Brian Whitney
“Lourdes”

Subtle film rewards attention

By - Sep 11th, 2010 04:00 am
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Photo courtesy of ARTE Films.

Approximately 55 minutes into the film Lourdes, a priest and a religious official are having a conversation. The official asks the priest, “Is God all-powerful or good? If He were all-powerful and good, He could heal everyone, couldn’t He?” The priest replies, “He does. But for some it’s more discreet. It’s on the inside, you see?”

This turns out to be a fairly apt description of Lourdes, a film written and directed by Austrian Jessica Hausner that appears in Milwaukee for the first time as part of the UWM Union Theatre’s Fall lineup. It tells the tale of Christine (Sylvie Testud), a young woman afflicted with multiple sclerosis. Ms. Testud’s performance is compelling enough to lead you to believe that she may, in fact, be an MS sufferer herself (she isn’t.) Bound to a wheelchair, she takes an opportunity to visit Lourdes, a French village known for its shrines, which supposedly have the power to heal the sick.

And although Christine is eventually healed, the film ultimately isn’t really about that, but about how people react to the fortune, and misfortune, of others.

The film takes its time making these points, and forces you to pay attention to the smallest details in order to really get the message. The willingness to focus does pay off, as the entire cast turn in excellent performances, most notably Elina Lowensohn as Cecile, the nurse in charge of the pilgrimage group. Her onscreen presence is both fiercely intimidating and slyly funny, in a way that really demands to be seen in order to be appreciated.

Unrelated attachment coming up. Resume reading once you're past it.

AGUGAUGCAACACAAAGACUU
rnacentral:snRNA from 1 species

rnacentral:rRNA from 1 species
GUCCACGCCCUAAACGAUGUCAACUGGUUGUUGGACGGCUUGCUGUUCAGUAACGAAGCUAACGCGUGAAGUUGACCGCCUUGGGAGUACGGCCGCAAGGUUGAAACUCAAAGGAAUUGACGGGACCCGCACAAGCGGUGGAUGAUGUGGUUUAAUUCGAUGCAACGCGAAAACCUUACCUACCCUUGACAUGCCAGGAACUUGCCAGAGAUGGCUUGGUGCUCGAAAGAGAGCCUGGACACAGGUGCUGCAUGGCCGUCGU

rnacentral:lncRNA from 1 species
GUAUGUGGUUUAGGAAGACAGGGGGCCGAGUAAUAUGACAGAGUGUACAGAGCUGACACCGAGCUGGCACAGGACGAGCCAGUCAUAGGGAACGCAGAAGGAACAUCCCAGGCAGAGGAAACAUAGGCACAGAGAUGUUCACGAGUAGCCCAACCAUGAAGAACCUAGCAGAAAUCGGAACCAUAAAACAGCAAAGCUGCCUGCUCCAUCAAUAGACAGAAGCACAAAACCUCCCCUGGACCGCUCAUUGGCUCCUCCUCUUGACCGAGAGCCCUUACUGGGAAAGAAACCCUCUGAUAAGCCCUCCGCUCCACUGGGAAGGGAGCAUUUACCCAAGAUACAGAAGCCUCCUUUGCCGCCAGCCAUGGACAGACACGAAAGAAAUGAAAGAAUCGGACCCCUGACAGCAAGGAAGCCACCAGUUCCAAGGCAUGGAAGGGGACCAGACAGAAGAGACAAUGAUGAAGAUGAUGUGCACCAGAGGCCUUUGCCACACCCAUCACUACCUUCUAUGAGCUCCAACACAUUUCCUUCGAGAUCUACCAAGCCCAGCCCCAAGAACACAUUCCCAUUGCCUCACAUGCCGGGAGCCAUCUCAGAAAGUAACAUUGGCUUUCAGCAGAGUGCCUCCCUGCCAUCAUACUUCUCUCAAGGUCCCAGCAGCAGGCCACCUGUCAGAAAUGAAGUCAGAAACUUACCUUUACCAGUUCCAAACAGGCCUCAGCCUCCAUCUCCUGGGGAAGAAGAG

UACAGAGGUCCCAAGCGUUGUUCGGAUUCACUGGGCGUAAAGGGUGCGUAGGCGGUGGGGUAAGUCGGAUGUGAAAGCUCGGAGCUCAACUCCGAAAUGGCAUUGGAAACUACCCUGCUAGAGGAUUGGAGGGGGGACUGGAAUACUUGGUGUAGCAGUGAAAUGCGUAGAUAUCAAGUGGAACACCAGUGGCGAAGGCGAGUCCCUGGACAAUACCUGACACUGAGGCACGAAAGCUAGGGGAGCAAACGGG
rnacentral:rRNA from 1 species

However, the bulk of the credit for the film’s success belongs to Ms. Hausner, who, as writer and director, manages to make a subtle, minimal film that doesn’t bore and isn’t strictly for film majors. Many of the small details in the film are actually quite funny, interesting given the serious nature of the subject matter and the pace of the movie.

For example, the film’s climactic scene takes place at a dance held for the religious pilgrims. As the serious events of the movie are playing out, one of the main characters joins the dance’s MC to sing a song called “Felicita,” originally performed by the husband and wife group Al Bano and Romina Power. The song’s lyrics, translated to English, are about finding happiness in the little things in life (a glass of wine and a sandwich, a birthday card, and so on), making a humorous pairing with the onscreen action.

It seems like an odd choice at first, but ultimately it does summarize the film quite well. The viewer’s ability to pay attention to the smallest details, to notice the little things, will be rewarded with a well executed story.

Lourdes is currently playing at the UWM Union Theatre ( 2200 E. Kenwood Blvd.). Screening dates/times: Saturday, Sept. 11 at 3 and 7 p.m,; Sunday, Sept. 12 at 5 p.m.

Categories: Movies

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